….More Concentration 2003 Studio Art 2-D Design: Concentration By Joel Bobeck Booker High School Sarasota, Florida
Briefly define the nature of your concentration project. My concentration is based on the essential behavior of the bee and the atmosphere, which it creates. Briefly describe the development of your concentration project and the sources of your ideas. You may refer to specific slides as examples. At first, my focus was on depicting realistic illustrations of bees, as in slides 1 and 2. Eventually, it evolved to include other atmospheres, such as the honeycomb, as a way to illustrate the behavior and lifestyle of the related subject matter. In slide 5, I began to juxtapose unusual environments within the framework of the beehive. This ultimately led to the discovery of an implied sense of movement beginning in slides 8 and 9. The beehive soon became secondary within my work. Inevitably, the act of the subject matter creating its own environment led to the delineation of the bee's movement through erratic use of line (slides 11 and 12). Ultimately, a deeper understanding of the subject matter was reached, questioning not just the environment, but also the reasoning behind it. What medium or media did you use? I used a variety of different media, including colored pencil, acrylic, ink, and cardboard. Student Commentary More examples of this student’s work can be seen at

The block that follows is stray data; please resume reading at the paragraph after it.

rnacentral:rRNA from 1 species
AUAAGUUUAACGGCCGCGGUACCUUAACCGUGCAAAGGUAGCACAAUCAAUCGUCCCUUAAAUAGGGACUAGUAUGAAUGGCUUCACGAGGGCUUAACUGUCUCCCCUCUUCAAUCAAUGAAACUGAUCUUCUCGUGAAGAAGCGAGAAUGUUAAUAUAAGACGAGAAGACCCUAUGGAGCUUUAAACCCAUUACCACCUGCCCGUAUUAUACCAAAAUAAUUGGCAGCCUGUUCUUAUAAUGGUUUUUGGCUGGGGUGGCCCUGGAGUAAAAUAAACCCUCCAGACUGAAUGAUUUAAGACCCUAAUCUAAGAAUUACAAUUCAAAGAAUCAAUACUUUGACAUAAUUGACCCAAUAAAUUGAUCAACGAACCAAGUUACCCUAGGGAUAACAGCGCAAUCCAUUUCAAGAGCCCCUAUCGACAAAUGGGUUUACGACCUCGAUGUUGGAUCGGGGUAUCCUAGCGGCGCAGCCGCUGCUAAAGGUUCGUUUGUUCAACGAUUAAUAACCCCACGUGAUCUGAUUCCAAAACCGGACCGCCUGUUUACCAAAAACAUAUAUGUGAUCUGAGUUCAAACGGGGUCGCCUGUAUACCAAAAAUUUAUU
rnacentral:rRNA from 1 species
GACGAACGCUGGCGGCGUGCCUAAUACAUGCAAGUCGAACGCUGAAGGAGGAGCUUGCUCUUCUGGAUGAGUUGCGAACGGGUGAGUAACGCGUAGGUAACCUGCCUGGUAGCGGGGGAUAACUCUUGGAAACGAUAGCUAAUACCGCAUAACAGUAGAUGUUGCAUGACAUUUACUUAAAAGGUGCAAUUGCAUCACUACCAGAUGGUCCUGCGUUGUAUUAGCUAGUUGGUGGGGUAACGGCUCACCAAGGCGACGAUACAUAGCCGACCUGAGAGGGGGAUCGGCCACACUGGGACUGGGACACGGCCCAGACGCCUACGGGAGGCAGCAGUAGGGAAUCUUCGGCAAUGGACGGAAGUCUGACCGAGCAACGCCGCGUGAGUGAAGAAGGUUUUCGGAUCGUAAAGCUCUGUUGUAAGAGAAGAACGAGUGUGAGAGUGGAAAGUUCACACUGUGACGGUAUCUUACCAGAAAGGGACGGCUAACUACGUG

Quality Components are essentially the same as in the Drawing Portfolio plus: There are no preconceptions about what the work will look like -- it may have been created quickly or over a long period of time; it may be representational, abstract, stylized or it may show a combination of any of these characteristics; some of the five may be related to each other, or they may all be independent. Eric Spore, Wyoming HS, Wyoming, Ohio Scoring Rationale: This photographic design portfolio elegantly translates three-dimensional architecture into two-dimensional design images that emphasize shape, value, texture, and light. Color harmonies are subtle, emphasizing complementary and analogous relationships. The figure/ground relationships are carefully studied and selected within the picture plane. Each image has an expressive quality that makes it unique; yet together the works show a consistent and unified vision.
2004: Studio Art 2-D Design Grade Distributions Examination GradeStudio Art 2-D Design N% At , , , Number of Students8,355 3 or Higher / %5, Mean Grade 2.9 Standard Deviation1.03